Pilates Through A Yogic Lens

I am deeply inspired by the practice of Pilates “Body, Mind & Soul”, or said another way within a yogic, healing context.  Reading Joseph Pilates’ manifesto “Return to Life: Through Contrology” and studying his life, it is clear he understood yoga, gymnastics, Zen, ancient Greek & Roman physical fitness models, and naturopathic healing methods.  He fully intended a whole-Self experience every session of Pilates and expected people to undertake a lifelong practice or pursuit of development – mind, body and spirit.  
 

 To give you an idea, here are some of his famous sayings:

 
• “The acquirement and enjoyment of physical well-being, mental calm and spiritual peace are priceless to their possessors”
• “Contrology (Pilates) develops the body uniformly, corrects wrong postures, restores physical vitality, invigorates the mind, and elevates the spirit.”
• “The Pilates Method of Body Conditioning is complete coordination of body, mind and spirit.”
• “Above all, learn how to breathe correctly.”
• “As a heavy rainstorm freshens the water of a sluggish or stagnant stream and whips it into immediate action, so does the Pilates Methods purify the bloodstream.”
• “To achieve the highest accomplishments within the scope of our capabilities in all walks of life we must constantly strive to acquire strong, healthy bodies and develop our minds to the limits of our ability.”
 
 
And, here’s a picture of him practicing a handstand (from yoga!).

Pilates Handstand

 

The complication is that traditional Pilates Teacher Training programs and Pilates Classicists emphasize exact replication of the exercise and continuous correction throughout the lesson. While this method is thought to help achieve maximum quality for clients time after time, it also tends to create a left-brain, analytical, “am I doing it right?”, “is that it yet?” striving for perfection type of focus.  This is antithetical, and even undermining to a more yogic pursuit of process, which I, and I think Mr. Pilates would, ascribe to: letting go, working with awareness, focus on breath, cultivating a practice, and being in the moment exactly where you are – right now. Ahh, doesn't that sound nice?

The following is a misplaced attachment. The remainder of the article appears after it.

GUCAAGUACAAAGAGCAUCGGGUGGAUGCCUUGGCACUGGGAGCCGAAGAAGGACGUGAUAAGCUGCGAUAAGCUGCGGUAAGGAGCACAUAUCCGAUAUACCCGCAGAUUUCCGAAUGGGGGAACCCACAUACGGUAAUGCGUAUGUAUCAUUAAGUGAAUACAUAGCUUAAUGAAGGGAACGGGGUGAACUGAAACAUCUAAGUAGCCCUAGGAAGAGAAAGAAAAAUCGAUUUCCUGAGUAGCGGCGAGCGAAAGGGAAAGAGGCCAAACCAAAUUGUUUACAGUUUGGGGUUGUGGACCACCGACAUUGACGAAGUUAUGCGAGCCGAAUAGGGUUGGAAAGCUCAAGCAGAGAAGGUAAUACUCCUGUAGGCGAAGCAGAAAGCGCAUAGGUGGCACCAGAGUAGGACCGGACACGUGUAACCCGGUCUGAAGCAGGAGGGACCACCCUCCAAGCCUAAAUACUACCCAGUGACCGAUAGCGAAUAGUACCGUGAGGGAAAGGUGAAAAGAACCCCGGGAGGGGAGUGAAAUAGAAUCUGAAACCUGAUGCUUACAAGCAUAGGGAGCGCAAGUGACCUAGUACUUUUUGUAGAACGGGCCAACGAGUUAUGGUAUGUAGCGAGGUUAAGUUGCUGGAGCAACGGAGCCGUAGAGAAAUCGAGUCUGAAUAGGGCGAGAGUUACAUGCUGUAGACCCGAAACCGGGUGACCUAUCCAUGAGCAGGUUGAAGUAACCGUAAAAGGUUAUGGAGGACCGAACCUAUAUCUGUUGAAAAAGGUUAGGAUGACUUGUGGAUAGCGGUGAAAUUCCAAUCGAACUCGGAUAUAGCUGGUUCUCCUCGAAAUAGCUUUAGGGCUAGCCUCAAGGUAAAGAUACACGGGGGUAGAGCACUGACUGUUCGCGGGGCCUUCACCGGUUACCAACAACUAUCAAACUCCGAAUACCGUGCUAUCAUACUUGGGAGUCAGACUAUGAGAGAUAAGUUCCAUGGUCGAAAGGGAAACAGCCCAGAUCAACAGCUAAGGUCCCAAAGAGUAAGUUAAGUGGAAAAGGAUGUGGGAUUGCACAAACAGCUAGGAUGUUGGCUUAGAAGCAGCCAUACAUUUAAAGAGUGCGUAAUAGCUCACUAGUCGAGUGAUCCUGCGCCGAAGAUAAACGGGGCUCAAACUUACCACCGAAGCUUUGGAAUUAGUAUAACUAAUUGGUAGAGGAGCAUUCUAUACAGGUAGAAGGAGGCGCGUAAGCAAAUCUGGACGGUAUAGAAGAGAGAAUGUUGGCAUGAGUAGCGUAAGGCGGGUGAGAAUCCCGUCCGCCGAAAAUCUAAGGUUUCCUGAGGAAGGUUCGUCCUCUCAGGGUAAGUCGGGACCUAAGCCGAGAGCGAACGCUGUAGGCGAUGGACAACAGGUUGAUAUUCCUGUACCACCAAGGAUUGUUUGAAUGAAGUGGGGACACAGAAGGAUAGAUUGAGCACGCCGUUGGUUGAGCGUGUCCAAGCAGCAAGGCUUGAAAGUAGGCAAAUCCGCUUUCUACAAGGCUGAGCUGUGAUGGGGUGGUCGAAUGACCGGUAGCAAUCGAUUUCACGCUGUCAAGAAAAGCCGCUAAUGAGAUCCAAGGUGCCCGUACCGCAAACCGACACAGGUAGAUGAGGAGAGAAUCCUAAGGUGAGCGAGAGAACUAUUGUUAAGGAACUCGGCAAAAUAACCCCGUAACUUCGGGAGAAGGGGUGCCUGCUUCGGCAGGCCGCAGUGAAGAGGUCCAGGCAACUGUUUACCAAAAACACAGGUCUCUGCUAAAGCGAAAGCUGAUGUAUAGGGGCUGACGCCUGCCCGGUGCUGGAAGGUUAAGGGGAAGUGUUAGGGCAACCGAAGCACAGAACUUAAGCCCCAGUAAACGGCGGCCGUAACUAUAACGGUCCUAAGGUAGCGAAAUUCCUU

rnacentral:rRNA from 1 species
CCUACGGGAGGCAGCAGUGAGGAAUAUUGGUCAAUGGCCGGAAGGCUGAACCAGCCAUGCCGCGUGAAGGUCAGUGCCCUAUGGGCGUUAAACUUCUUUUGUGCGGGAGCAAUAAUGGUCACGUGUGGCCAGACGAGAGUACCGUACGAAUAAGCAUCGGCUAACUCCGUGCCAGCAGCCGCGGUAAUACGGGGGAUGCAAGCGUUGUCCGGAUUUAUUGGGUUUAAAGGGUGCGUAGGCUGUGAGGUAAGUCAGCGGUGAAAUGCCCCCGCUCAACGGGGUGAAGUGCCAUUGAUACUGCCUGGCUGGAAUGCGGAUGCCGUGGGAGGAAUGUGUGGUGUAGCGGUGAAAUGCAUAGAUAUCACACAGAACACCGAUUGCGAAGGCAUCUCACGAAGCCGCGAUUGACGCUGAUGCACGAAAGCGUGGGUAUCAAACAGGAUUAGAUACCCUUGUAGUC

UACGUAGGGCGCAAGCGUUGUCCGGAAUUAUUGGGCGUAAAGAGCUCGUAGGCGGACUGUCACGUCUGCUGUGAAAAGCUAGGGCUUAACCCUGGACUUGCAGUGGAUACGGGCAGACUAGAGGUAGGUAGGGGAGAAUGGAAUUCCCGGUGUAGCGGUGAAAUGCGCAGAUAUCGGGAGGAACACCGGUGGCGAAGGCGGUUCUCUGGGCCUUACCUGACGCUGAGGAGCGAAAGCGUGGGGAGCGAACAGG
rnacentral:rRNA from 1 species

When I work from a yogic frame in my own practice and in teaching clients, I find the possibility of utter joy, the affects of tension/stress and release, inspiration for deliberate practice, a personal window inward and the true union of mind, body and soul. People feel good about themselves and their practice, and they are left in charge of their own experience of the Pilates Method with the classic information available to guide them. They open up for what may never had been imagined, like knowing themselves as strong, capable, peaceful, flexible, grounded and, my personal favorite, courageous in the face of fear. There is a spirit of accomplishment and radiant clearing for health, healing and unimaginable happiness.


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